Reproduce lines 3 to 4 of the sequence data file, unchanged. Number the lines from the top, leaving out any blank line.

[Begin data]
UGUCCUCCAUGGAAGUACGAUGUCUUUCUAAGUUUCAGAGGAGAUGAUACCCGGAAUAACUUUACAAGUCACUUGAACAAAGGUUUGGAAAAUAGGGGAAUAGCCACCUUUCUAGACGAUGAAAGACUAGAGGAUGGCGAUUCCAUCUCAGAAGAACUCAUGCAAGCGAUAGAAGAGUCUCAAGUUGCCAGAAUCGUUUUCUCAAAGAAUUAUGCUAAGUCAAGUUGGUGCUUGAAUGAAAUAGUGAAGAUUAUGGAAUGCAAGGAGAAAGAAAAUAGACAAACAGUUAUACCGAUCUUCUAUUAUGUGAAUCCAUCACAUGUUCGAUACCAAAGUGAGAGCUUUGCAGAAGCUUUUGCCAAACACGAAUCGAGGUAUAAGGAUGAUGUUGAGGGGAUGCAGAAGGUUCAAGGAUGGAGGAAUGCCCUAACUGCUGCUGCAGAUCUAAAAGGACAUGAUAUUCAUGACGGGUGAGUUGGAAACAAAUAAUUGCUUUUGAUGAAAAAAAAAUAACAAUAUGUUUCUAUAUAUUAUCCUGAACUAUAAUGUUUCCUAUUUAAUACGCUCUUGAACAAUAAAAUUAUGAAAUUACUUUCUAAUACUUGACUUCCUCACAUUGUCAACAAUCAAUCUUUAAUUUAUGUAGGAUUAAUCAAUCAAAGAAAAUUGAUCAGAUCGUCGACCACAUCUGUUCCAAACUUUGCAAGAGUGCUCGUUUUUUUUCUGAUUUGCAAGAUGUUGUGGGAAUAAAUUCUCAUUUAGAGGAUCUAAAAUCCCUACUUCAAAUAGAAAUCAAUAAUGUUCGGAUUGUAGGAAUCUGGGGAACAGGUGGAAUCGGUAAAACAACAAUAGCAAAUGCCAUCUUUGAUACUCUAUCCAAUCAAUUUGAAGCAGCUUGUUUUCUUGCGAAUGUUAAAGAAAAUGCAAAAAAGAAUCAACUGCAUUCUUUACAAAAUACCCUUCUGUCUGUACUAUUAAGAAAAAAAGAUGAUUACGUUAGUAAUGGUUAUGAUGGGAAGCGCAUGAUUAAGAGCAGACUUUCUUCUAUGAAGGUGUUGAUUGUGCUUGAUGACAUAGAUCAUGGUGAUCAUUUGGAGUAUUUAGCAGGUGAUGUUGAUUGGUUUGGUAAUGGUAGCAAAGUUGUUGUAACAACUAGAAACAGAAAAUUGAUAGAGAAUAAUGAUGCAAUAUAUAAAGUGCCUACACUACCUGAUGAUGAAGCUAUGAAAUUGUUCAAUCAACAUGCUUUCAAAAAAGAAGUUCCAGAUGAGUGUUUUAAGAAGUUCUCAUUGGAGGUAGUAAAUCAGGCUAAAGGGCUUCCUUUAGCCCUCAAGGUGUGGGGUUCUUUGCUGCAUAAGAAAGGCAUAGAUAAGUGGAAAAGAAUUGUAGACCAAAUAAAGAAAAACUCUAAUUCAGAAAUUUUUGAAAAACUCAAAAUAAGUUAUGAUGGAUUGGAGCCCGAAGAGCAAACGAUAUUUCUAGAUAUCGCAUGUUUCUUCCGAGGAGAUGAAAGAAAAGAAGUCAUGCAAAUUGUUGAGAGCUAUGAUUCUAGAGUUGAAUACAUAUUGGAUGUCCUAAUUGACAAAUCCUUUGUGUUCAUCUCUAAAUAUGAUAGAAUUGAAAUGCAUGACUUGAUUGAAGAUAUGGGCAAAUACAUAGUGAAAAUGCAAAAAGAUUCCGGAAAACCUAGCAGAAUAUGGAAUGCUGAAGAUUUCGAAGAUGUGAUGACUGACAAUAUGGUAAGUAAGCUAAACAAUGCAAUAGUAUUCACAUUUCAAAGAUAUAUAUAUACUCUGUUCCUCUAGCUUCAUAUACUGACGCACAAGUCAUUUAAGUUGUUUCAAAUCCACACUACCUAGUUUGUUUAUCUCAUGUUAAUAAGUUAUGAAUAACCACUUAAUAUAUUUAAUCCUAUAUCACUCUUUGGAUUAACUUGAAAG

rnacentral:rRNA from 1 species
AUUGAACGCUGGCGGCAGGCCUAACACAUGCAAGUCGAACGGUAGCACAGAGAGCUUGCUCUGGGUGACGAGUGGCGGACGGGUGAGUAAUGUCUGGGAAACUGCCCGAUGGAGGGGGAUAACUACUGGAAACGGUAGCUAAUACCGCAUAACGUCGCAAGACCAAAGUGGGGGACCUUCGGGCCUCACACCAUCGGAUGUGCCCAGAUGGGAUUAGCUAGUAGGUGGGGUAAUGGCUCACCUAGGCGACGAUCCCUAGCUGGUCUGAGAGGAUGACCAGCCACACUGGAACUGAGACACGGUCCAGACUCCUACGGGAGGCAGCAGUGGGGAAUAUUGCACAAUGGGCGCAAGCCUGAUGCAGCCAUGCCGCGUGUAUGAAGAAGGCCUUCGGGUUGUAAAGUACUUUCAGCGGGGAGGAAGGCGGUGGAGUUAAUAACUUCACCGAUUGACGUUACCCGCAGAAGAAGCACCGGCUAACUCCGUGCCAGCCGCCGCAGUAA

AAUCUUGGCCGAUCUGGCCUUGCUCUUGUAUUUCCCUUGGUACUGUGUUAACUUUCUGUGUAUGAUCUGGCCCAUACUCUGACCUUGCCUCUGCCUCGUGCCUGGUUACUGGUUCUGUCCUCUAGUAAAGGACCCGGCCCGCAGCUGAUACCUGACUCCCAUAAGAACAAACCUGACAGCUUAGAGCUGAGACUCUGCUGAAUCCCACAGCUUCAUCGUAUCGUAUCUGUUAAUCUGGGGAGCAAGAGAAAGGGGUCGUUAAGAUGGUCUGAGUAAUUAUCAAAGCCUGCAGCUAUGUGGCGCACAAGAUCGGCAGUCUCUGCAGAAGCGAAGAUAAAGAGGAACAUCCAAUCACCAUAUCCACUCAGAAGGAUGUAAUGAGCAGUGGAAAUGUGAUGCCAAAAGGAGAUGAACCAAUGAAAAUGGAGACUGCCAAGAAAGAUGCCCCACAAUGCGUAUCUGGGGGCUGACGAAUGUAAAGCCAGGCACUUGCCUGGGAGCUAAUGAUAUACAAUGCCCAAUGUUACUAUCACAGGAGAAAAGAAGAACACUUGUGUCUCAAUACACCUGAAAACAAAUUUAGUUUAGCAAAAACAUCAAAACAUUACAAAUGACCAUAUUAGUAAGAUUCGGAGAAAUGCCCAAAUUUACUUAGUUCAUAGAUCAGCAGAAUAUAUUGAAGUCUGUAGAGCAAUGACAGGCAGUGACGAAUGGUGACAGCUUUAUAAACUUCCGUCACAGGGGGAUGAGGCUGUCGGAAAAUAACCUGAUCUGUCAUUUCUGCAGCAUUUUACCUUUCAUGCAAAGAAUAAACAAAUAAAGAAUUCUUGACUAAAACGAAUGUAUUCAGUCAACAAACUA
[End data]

AUUGAACGCUGGCGGCAGGCCUAACACAUGCAAGUCGAACGGUAGCACAGAGAGCUUGCUCUGGGUGACGAGUGGCGGACGGGUGAGUAAUGUCUGGGAAACUGCCCGAUGGAGGGGGAUAACUACUGGAAACGGUAGCUAAUACCGCAUAACGUCGCAAGACCAAAGUGGGGGACCUUCGGGCCUCACACCAUCGGAUGUGCCCAGAUGGGAUUAGCUAGUAGGUGGGGUAAUGGCUCACCUAGGCGACGAUCCCUAGCUGGUCUGAGAGGAUGACCAGCCACACUGGAACUGAGACACGGUCCAGACUCCUACGGGAGGCAGCAGUGGGGAAUAUUGCACAAUGGGCGCAAGCCUGAUGCAGCCAUGCCGCGUGUAUGAAGAAGGCCUUCGGGUUGUAAAGUACUUUCAGCGGGGAGGAAGGCGGUGGAGUUAAUAACUUCACCGAUUGACGUUACCCGCAGAAGAAGCACCGGCUAACUCCGUGCCAGCCGCCGCAGUAA

AAUCUUGGCCGAUCUGGCCUUGCUCUUGUAUUUCCCUUGGUACUGUGUUAACUUUCUGUGUAUGAUCUGGCCCAUACUCUGACCUUGCCUCUGCCUCGUGCCUGGUUACUGGUUCUGUCCUCUAGUAAAGGACCCGGCCCGCAGCUGAUACCUGACUCCCAUAAGAACAAACCUGACAGCUUAGAGCUGAGACUCUGCUGAAUCCCACAGCUUCAUCGUAUCGUAUCUGUUAAUCUGGGGAGCAAGAGAAAGGGGUCGUUAAGAUGGUCUGAGUAAUUAUCAAAGCCUGCAGCUAUGUGGCGCACAAGAUCGGCAGUCUCUGCAGAAGCGAAGAUAAAGAGGAACAUCCAAUCACCAUAUCCACUCAGAAGGAUGUAAUGAGCAGUGGAAAUGUGAUGCCAAAAGGAGAUGAACCAAUGAAAAUGGAGACUGCCAAGAAAGAUGCCCCACAAUGCGUAUCUGGGGGCUGACGAAUGUAAAGCCAGGCACUUGCCUGGGAGCUAAUGAUAUACAAUGCCCAAUGUUACUAUCACAGGAGAAAAGAAGAACACUUGUGUCUCAAUACACCUGAAAACAAAUUUAGUUUAGCAAAAACAUCAAAACAUUACAAAUGACCAUAUUAGUAAGAUUCGGAGAAAUGCCCAAAUUUACUUAGUUCAUAGAUCAGCAGAAUAUAUUGAAGUCUGUAGAGCAAUGACAGGCAGUGACGAAUGGUGACAGCUUUAUAAACUUCCGUCACAGGGGGAUGAGGCUGUCGGAAAAUAACCUGAUCUGUCAUUUCUGCAGCAUUUUACCUUUCAUGCAAAGAAUAAACAAAUAAAGAAUUCUUGACUAAAACGAAUGUAUUCAGUCAACAAACUA